All businesses are concerned about revenues and costs.
Whether their products are automobiles, fast food, or the latest designer fashions, managers must understand how revenues and costs behave or risk losing control. Managers use cost accounting information to make decisions related to strategy formulation, research and development, budgeting, production planning, and pricing, among others. Sometimes these decisions involve tradeoffs. The following article shows how companies like Apple make those tradeoffs to increase their profits.
iTunes Variable Pricing: Downloads Are Down, but Profits Are Up1
Can selling less of something be more profitable than selling more of it? In 2009, Apple changed the pricing structure for songs sold through iTunes from a flat fee of $0.99 to a three-tier price point system of $0.69, $0.99, and $1.29. The top 200 songs in any given week make up more than one-sixth of digital music sales. Apple now charges the higher price of $1.29 for these hit songs by artists like Taylor Swift and the Black Eyed Peas.
After the first six months of the new pricing model in the iTunes store, downloads of the top 200 tracks were down by about 6%.While the number of downloads dropped, the higher prices generated more revenue than before the new pricing structure was in place. Since Apple’s iTunes costs—wholesale song costs, network and transaction fees, and other operating costs—do not vary based on the price of each download, the profits from the 30% increase in price more than made up for the losses from the 6% decrease in volume.
To increase profits beyond those created by higher prices, Apple also began to manage iTunes’ costs. Transaction costs (what Apple pays credit-card processors like Visa and MasterCard) have decreased, and Apple has also reduced the number of people working in the iTunes store
The study of modern cost accounting yields insights into how managers and accountants can contribute to successfully running their businesses. It also prepares them for leadership roles. Many large companies, such as Constellation Energy, Jones Soda, Nike, and the Pittsburgh Steelers, have senior executives with accounting backgrounds.
Financial Accounting, Management Accounting, and Cost Accounting
As many of you have already seen in your financial accounting class, accounting systems take economic events and transactions, such as sales and materials purchases, and process the data into information helpful to managers, sales representatives, production supervisors, and others. Processing any economic transaction means collecting, categorizing, summarizing, and analyzing. For example, costs are collected by category, such as materials, labor, and shipping. These costs are then summarized to determine total costs by month, quarter, or year. The results are analyzed to evaluate, say, how costs have changed relative to revenues from one period to the next.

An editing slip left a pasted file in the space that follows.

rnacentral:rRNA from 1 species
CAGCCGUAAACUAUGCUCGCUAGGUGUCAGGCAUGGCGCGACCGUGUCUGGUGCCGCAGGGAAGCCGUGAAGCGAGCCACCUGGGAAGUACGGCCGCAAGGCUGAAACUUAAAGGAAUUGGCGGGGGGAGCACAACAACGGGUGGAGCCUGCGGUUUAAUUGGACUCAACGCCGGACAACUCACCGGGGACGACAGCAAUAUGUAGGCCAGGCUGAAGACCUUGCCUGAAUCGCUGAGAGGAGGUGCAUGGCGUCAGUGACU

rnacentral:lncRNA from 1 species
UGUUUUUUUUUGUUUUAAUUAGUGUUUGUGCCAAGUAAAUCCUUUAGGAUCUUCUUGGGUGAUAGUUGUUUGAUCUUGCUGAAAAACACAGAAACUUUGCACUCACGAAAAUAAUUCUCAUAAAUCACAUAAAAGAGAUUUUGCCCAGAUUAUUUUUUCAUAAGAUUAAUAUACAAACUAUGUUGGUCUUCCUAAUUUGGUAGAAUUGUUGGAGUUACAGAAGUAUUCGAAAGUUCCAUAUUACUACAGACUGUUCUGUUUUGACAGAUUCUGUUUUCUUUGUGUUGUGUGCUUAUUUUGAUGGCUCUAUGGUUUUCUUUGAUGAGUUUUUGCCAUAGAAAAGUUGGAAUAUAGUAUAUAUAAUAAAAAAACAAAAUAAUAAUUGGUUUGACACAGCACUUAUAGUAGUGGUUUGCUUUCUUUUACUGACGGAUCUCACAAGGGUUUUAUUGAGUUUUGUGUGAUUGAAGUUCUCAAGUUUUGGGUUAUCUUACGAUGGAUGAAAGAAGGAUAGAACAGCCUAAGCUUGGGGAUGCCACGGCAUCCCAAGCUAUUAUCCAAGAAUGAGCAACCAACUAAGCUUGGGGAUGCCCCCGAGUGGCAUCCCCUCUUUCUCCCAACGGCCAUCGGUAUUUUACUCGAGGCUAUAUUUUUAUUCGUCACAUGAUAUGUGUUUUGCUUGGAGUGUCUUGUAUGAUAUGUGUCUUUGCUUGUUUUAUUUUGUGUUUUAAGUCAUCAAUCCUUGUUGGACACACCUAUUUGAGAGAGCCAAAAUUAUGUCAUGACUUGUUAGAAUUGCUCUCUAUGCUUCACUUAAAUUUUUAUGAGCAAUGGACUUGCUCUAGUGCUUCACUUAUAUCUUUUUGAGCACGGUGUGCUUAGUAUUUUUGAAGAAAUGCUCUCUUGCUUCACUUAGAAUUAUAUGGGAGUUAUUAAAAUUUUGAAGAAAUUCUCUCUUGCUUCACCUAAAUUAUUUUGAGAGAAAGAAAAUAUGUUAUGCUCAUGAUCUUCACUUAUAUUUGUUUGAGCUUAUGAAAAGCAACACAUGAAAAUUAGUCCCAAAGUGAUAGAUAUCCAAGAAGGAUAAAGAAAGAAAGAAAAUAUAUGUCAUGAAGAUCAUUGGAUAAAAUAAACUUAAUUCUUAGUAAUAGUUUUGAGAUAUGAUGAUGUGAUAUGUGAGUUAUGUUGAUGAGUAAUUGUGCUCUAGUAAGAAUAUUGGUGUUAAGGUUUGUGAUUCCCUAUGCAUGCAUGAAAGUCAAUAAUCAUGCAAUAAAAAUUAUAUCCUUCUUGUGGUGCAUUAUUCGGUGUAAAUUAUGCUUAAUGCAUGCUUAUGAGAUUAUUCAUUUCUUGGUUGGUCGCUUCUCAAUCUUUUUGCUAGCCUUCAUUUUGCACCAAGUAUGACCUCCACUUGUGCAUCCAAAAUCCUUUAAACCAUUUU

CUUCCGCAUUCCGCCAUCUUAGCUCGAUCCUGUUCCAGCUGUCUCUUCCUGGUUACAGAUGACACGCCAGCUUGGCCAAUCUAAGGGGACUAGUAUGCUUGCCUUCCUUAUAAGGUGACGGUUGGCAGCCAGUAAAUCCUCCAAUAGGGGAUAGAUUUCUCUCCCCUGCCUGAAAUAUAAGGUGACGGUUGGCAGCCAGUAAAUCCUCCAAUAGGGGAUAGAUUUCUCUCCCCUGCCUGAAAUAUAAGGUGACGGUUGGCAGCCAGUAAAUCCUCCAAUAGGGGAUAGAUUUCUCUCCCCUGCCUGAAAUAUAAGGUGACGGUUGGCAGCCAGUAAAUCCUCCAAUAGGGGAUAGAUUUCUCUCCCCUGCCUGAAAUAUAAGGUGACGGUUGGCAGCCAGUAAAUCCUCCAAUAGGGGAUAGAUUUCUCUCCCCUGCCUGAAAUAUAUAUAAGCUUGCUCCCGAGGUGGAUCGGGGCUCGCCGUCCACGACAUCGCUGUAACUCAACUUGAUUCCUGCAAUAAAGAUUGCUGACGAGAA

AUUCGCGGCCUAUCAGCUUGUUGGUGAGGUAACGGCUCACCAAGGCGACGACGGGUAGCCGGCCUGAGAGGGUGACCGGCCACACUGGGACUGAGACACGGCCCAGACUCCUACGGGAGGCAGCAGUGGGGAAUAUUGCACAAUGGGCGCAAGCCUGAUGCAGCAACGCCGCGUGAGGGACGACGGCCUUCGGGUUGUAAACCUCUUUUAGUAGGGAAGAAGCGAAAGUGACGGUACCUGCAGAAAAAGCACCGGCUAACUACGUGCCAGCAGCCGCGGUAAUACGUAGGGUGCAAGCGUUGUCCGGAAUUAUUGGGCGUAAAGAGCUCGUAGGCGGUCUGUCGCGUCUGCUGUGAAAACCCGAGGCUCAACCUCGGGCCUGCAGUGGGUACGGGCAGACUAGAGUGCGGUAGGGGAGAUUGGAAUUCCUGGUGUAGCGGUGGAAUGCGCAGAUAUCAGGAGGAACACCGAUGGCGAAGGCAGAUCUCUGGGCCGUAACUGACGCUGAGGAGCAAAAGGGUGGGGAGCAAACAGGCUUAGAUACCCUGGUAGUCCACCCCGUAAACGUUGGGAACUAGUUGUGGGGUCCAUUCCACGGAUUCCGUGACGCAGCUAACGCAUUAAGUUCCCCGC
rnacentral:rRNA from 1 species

Accounting systems provide the information found in the income statement, the balance sheet, the statement of cash flow, and in performance reports, such as the cost of serving customers or running an advertising campaign. Managers use accounting information to administer the activities, businesses, or functional areas they oversee and to coordinate those activities, businesses, or functions within the framework of the organization. Understanding this information is essential for managers to do their jobs. Individual managers often require the information in an accounting system to be presented or reported differently. Consider, for example, sales order information. A sales manager may be interested in the total dollar amount of sales to determine the commissions to be paid. A distribution manager may be interested in the sales order quantities by geographic region and by customer-requested delivery dates to ensure timely deliveries.
A manufacturing manager may be interested in the quantities of various products and their desired delivery dates, so that he or she can develop an effective production schedule. To simultaneously serve the needs of all three managers, companies create a database—sometimes called a data warehouse or infobarn—consisting of small, detailed bits of information that can be used for multiple purposes. For instance, the sales order database will contain detailed information about product, quantity ordered, selling price, and delivery details (place and date) for each sales order. The database stores information in a way that allows different managers to access the information they need.
Many companies are building their own Enterprise Resource Planning (ERP) systems, single databases that collect data and feed it into applications that support the company’s business activities, such as purchasing, production, distribution, and sales.
Financial accounting and management accounting have different goals. As many of you know, financial accounting focuses on reporting to external parties such as investors, government agencies, banks, and suppliers. It measures and records business transactions and provides financial statements that are based on generally accepted accounting principles (GAAP). The most important way that financial accountinginformation affects managers’ decisions and actions is through compensation, which is often, in part, based on numbers in financial statements.